Cat’s Path to Becoming Anusara’s New Community Resiliency Team Leader

Sitting in the gap between what is happening and what I think “should” be happening can be challenging, if not painful.  When I feel disappointed, it’s usually that I am hoping things to be a certain way, and life isn’t panning out as expected.  But rather than trying to make anything wrong, what if I can be curious about what is arising in me?  Yoga for me is a practice of learning to become comfortable with discomfort, which over time expands my comfort zone. 

In Anusara Yoga, we teach principles of alignment.  People have alignment.  Poses do not.  Within a tantric perspective, we always are always practicing choice.  To what can I choose to align?  How do I choose?  And how can I respond to people, situations, or even other parts of myself that seem out of alignment to myself?  As we learn to navigate an ever-changing pandemic environment, we have the continual opportunity to accept what is indeed happening around us, while choosing how to respond in a way that keeps connection.

Allow me to introduce myself.  I was part of the Anusara Yoga kula from 2002-2012.  I held Affiliation status in 2004 and earned my certification in 2008.  Although based in New York City, I spent a decade of my life helping rebuild the yoga communities post-Hurricane Katrina in my hometown of New Orleans, as well as the Gulf Coast and SE region.  Originally a filmmaker, my yoga wings gradually spread to teach nationally and internationally.  Since 2013, I have been integrating Compassionate Communication (NVC) into my yoga trainings, exploring how to align ourselves both inside and out.  I am honored to guide physical, mental, and emotional asana, which requires both curiosity and humor, as we excavate deeper within.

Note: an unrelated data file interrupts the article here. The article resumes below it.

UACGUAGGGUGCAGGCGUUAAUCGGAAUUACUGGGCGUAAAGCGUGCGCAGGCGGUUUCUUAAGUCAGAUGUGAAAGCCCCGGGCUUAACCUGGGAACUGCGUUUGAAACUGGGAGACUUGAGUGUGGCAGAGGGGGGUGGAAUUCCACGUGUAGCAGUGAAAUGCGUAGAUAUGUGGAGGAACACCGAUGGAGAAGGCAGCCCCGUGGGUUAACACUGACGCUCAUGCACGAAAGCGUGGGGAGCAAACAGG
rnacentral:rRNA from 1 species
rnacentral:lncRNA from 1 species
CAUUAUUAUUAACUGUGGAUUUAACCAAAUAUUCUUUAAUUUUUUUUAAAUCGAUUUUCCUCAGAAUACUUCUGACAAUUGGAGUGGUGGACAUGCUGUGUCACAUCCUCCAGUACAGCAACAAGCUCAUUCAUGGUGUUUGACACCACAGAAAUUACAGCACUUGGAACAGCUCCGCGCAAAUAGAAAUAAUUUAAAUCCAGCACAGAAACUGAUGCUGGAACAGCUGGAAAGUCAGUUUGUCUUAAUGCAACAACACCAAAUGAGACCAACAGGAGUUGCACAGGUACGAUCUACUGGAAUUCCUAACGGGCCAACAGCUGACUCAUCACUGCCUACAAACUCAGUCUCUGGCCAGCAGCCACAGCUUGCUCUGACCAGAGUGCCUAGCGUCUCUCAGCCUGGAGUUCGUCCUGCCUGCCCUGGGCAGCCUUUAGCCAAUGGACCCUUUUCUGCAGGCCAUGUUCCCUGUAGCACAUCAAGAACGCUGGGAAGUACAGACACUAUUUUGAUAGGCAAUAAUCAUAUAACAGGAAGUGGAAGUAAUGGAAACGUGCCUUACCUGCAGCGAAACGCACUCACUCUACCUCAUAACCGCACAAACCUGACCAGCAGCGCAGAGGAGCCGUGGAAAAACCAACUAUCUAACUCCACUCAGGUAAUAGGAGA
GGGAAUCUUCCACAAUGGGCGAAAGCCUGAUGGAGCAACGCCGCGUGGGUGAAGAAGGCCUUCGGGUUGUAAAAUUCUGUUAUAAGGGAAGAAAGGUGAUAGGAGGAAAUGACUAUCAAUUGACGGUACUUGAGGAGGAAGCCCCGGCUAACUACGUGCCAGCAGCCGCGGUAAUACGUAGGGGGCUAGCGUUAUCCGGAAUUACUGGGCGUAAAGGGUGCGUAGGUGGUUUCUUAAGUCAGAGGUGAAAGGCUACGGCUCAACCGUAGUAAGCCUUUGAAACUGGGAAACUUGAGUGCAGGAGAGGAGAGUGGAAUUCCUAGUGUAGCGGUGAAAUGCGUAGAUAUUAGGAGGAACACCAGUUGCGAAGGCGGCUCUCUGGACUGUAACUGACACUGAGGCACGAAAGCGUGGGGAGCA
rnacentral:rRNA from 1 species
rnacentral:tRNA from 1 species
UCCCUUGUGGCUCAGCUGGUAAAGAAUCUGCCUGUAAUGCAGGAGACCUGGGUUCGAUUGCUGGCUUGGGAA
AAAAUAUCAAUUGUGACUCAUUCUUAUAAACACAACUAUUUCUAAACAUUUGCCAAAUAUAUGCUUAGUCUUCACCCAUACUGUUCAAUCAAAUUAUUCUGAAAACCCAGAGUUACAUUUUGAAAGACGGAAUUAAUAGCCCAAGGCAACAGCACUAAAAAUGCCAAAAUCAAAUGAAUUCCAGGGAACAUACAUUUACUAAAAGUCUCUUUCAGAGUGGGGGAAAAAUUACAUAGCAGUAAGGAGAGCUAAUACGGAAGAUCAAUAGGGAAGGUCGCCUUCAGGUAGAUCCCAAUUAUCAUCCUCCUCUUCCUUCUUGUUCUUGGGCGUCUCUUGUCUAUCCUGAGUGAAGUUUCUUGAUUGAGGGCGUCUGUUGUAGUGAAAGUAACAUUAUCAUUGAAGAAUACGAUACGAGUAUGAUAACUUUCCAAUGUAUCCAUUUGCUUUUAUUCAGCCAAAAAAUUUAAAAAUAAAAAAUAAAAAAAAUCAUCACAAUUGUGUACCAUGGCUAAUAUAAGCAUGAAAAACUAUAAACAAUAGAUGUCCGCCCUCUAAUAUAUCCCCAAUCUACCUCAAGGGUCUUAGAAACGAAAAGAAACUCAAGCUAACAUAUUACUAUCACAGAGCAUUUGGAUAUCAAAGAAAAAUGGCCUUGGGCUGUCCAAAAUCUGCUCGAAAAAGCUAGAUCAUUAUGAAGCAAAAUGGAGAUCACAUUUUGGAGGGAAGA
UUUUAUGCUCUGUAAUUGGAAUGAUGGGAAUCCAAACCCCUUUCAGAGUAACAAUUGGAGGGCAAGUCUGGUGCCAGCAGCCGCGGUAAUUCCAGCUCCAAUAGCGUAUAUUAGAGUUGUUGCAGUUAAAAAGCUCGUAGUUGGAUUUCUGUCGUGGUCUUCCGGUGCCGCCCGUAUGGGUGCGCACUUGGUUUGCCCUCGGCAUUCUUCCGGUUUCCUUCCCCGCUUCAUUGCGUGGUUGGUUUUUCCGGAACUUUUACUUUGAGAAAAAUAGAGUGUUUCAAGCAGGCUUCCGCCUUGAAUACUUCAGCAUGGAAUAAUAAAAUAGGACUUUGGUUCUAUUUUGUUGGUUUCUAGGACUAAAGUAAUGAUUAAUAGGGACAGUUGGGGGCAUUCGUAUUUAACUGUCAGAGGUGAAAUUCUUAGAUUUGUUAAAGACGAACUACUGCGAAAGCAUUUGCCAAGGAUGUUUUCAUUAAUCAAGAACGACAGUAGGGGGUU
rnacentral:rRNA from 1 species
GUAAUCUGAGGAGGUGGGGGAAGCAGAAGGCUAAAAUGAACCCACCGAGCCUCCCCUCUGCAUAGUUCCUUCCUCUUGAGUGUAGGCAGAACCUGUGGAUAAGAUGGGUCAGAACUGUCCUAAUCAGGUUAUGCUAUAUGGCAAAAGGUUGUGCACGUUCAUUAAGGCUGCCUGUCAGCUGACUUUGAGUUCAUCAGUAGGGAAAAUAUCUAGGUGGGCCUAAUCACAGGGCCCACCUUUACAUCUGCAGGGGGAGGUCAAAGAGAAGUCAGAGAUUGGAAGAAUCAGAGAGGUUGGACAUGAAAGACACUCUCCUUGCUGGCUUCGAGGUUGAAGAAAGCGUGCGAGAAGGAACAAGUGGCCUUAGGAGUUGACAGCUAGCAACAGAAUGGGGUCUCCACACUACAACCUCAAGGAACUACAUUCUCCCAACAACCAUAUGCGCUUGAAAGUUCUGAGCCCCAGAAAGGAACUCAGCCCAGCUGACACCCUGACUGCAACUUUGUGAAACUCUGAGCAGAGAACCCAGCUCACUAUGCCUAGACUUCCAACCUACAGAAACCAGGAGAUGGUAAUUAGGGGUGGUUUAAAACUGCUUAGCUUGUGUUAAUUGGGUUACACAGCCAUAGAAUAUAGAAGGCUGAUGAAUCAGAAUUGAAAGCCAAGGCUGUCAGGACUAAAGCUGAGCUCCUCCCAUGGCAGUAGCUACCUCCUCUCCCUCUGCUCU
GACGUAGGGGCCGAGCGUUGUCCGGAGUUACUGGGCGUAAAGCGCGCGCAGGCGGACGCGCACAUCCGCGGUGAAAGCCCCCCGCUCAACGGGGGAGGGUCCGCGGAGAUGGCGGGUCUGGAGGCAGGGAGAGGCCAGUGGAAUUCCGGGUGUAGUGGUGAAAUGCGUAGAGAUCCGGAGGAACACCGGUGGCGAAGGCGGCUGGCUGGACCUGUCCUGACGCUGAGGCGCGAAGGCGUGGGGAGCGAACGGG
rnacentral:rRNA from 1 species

Compassionate Communication has been the most clear, practical, and effective way of applying my yoga off of the mat and into my life.  Not only has it changed my relationships with others, it has fostered more self-compassion.  However, not unlike doing a handstand in the middle of the room, it’s not easy and might take some time to accomplish.  When I am able to see from different angles in asana (even when scary), I can view the world from the benefit of multiple perspectives. This is abhyasa. This takes skill in action.

As the new Community Resiliency Team Leader, I am excited to be sharing with the ASHY kula all that I have learned on my path.  I am happy to be back in the fold and honored to be taking up the reigns from Tiffany Wood, collaborating with an established stellar team.  It is within a safe and attuned community that we can all learn from one another while cultivating more understanding, connection, and most of all compassion.  I look forward to sharing this practice with my fellow teachers, as we all hold the space for healing in the world.

 In gratitude,

Cat McCarthy